Friday, February 10, 2017

How much can a politico publicly lash out when it comes to familial attacks?

It is inevitable that an elected government official is going to come under attack for his actions. But to what degree is he allowed to get offended when members of his family get caught in the partisan crossfire?

You don't make the cover of Time ...
That managed to occur this week with regards to President Donald J. Trump, who is P-O’ed with the Nordstrom retail stores that publicly made a change in policy to stop carrying a line of clothing that had been designed by presidential daughter Ivanka.

NORDSTROM SAYS THE clothes just aren’t selling; which when one considers the negative taint that has come to the Trump name amongst the majority of our society ought not to be a surprise!

... by being overly touchy about family
But Trump wants to believe that this is yet another attack on his persona (because, after all, Trump is a privileged person who is entitled to be regarded as more important than the rest of us mere mortals), and it led to his latest use of Twitter to send out a 140-character missive.

One of his famed Tweets from a Twit, so to speak. In which he says it is “Terrible!” that anyone would do anything negative in the name of Ivanka Trump. “My daughter has been treated so unfairly by Nordstrom,” he wrote.

Presidential press secretary Sean Spicer (whom many of us now think of as being merely actress, and Plainfield native, Melissa McCarthy in drag) went further, making a public statement saying that Nordstrom was engaging in, “a direct attack on his policies and her name.” Even presidential counselor Kellyanne Conway briefly got into the act, feeling the need to tell people to "buy Ivanka's stuff."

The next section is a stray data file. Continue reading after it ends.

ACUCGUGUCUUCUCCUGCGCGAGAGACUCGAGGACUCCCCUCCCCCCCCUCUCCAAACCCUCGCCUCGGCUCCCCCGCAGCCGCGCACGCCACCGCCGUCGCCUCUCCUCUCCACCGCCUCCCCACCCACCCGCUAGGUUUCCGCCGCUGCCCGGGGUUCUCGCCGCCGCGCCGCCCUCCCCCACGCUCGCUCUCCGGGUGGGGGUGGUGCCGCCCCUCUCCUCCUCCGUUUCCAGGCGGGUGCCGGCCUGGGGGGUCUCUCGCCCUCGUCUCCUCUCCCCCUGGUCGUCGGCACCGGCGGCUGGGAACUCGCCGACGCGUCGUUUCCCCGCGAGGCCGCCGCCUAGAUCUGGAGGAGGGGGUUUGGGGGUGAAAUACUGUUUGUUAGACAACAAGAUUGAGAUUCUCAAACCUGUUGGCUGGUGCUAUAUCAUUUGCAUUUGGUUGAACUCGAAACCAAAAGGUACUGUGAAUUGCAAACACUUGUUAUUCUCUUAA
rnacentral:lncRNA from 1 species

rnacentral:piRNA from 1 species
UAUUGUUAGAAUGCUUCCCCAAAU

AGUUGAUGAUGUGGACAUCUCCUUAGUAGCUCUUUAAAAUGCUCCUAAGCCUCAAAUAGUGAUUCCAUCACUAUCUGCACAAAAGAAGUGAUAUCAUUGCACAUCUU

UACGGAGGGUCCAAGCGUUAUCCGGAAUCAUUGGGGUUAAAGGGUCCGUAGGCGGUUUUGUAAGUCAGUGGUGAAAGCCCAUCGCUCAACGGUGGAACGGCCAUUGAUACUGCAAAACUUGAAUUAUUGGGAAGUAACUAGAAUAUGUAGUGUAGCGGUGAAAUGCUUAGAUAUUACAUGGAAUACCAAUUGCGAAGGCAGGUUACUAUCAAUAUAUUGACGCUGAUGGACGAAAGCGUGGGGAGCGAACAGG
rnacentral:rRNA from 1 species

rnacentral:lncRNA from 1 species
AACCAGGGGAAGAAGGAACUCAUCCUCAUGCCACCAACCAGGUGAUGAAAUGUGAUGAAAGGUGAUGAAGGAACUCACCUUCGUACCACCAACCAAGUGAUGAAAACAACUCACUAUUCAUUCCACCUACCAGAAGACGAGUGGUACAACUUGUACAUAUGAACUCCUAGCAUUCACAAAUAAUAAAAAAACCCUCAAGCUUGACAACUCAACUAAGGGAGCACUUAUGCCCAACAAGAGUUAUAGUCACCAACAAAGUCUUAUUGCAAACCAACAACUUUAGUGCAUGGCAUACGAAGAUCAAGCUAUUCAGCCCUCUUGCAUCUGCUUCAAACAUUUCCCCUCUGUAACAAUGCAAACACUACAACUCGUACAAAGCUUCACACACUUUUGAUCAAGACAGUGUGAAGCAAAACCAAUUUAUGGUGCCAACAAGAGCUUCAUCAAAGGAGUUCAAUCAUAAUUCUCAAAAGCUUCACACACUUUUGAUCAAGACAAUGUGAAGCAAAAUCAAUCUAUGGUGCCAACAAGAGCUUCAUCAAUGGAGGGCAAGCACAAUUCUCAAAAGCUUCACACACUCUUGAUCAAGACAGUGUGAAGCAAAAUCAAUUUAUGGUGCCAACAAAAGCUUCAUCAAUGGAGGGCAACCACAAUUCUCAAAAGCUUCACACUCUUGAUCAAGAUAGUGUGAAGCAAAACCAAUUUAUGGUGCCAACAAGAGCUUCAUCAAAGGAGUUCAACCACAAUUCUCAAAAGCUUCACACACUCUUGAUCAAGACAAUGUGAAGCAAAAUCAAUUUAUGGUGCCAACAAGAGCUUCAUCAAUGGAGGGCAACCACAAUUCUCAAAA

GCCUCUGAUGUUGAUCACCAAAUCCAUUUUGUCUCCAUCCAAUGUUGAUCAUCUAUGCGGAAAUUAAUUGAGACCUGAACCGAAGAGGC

Actress McCarthy's political alter ego ...


Nordstrom definitely got under his skin. Either it truly was an overly harsh attack, or (more likely) we have an overly touchy person serving as president. Who knows how ridiculously over-the-top he’ll react when there’s a real crisis situation.

Yet I do have to give Trump one bit of credit – his response is far from the worst we’ll ever hear from a government official who’s upset that his family’s name has been besmirched.

... got dragged into defense of Trump daughter
For that, we may well have to look merely to City Hall – albeit to the occupants of some four-and-a-half decades ago.

I’M THINKING BACK to 1971 when the “scandal” was the fact that municipal officials had approved deals awarding city contracts for insurance business to a company that had (coincidentally enough) just hired one of the mayoral sons for a job.

That was the incident in which Mayor Daley (the elder) went on a tirade about how a man ought to be allowed to help his sons advance in life that ended with the line, “If I can’t help my sons, then they can kiss my ass.”

Which often gets altered to jokes about mistletoe hanging from one’s coattails by people whose sensibilities are such that they don’t like to read the much-briefer word for buttocks in print.

I have no doubt that when discussing issues involving daughter Ivanka, Trump was probably feeling something identical to the line of thought that Daley actually came out and said all those years ago. A part of me is surprised he didn’t come out and say the same thing.
CONWAY: She's been 'counseled,' whatever that means

BUT WE GENERALLY regard it as one of Old Man Daley’s weakest moments – one of the few times when he admittedly tried to use politics for personal enrichment. Even though the one who would have become enriched was son Michael – who is the one Daley son that never got into the political game and ran for office.

Daley may have felt he had a legitimate point, just as I’m sure Trump thinks he’s now sticking up for the daughter who is “a great person – always pushing me to do the right thing!”

But having the president use the power of his office to try to bully a business into submission on behalf of his daughter is something very unbecoming of our government officials. We really should expect more from them.

Unless Trump is comfortable with the notion of having people outside of the 46 percent who elected him regard him as nothing more than our society’s derriere!


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